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MARKETPLACE:  Auto | Jobs | Personals | Yellow Pages  November 20, 2003
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Screening Test for Gestational Diabetes
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(Ivanhoe Newswire) -- In a new study, researchers have determined a fasting plasma glucose test used at the first prenatal visit is not an effective method of screening for gestational diabetes.

The standard method of screening for gestational diabetes mellitus (GDM) in expectant mothers is the one-hour glucose challenge test. However, there are some concerns that have surfaced regarding this test's clinical efficacy. For example, test results may vary depending on the amount of time since a woman's last meal. Also, the timing of the test has to be very precise with blood for the glucose test being drawn exactly one hour after ingesting the glucose. Also of concern are unpleasant side effects that the concentrated glucose can cause, often decreasing compliance with the test.

In a new study, researchers from California predicted that using the fasting plasma glucose as a screening test for diabetes early in gestation would offer advantages over the currently used postglucose challenge. The study involved more than 4,500 patients recruited from the Kaiser Permanente Bellflower Medical Center who were not known to have diabetes. All of the women were asked at their first prenatal visit to return for routine laboratory work and a venous plasma glucose test the next morning after a fast beginning no later than midnight.

Upon testing, women whose blood sugar levels were 100 mg/dL to 125mg/dL were advised to have a glucose tolerance test immediately. Those women with a fasting plasma glucose concentration greater than or equal to 126mg/dL were asked to return for a second test. If the second test revealed similar numbers, those women were referred to care for diabetes. All women not identified as having diabetes were advised to have a two-hour GTT at their first visit after their 23rd gestational week.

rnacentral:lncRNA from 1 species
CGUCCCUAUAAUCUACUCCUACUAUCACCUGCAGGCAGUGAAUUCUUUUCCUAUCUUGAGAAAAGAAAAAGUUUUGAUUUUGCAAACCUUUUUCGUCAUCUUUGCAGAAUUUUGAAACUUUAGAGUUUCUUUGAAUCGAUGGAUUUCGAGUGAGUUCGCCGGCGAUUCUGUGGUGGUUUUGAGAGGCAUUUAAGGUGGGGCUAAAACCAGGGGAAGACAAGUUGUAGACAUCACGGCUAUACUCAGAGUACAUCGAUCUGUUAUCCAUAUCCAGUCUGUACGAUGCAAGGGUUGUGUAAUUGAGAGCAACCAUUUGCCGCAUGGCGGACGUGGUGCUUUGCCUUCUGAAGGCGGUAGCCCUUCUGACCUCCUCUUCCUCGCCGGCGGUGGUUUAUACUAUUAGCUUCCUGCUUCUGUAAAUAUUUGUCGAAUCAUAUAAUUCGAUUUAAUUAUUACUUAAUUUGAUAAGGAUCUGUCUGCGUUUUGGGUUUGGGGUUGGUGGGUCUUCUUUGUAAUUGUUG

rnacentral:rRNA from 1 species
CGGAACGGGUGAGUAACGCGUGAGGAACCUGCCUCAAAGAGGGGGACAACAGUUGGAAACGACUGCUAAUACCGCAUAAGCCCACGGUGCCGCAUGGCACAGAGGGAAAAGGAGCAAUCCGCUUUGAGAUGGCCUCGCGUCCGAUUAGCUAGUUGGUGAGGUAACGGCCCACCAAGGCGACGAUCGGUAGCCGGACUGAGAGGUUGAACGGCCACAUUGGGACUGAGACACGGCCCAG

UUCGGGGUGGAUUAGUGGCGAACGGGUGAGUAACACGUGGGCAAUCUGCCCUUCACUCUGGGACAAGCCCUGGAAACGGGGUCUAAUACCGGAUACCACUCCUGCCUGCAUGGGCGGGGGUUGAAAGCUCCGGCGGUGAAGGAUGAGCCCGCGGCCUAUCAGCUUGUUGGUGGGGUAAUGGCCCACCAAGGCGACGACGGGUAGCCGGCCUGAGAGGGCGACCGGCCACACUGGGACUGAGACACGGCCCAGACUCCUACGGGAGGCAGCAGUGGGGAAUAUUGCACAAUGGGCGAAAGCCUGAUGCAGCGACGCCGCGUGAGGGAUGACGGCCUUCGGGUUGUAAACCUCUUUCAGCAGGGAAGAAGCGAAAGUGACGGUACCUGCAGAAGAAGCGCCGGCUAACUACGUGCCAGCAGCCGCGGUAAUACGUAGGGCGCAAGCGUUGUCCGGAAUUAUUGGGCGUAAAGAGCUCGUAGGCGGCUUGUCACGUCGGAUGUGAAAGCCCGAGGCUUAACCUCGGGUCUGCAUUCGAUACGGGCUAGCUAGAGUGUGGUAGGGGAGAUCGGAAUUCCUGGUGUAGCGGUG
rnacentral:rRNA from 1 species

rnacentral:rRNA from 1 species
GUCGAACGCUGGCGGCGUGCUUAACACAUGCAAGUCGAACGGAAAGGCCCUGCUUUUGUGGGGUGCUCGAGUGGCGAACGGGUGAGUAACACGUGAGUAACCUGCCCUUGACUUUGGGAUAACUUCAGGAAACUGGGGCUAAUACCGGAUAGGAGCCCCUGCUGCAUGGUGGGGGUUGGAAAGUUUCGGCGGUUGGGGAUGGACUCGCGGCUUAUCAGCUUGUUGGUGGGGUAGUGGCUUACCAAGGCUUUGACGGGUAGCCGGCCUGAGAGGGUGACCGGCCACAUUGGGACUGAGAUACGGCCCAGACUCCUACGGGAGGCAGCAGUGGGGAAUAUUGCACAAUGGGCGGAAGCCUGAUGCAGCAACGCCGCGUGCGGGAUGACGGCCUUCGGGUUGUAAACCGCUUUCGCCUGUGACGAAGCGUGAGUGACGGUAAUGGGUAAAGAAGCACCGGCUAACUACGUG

Study results show that 302 women were identified as having gestational diabetes. However, researchers say there was a false-positive rate of 57 percent to achieve a sensitivity of 80 percent. In other words, over half of all the patients who did not have gestational diabetes underwent a GTT to be able to identify 80 percent of those who did. These false-positive rates were significantly greater than those of other screening methods used to detect gestational diabetes.

Researchers therefore conclude that, while detection of gestational diabetes early in pregnancy is a desirable goal, the implications of the current study show the fasting plasma glucose screening test given at the first prenatal visit is not an efficient screening test for gestational diabetes.

This article was reported by Ivanhoe.com, who offers Medical Alerts by e-mail every day of the week. To subscribe, go to: http://www.ivanhoe.com/newsalert/.

SOURCE: Obstetrics and amp; Gynecology, 2003;101:1197-1203

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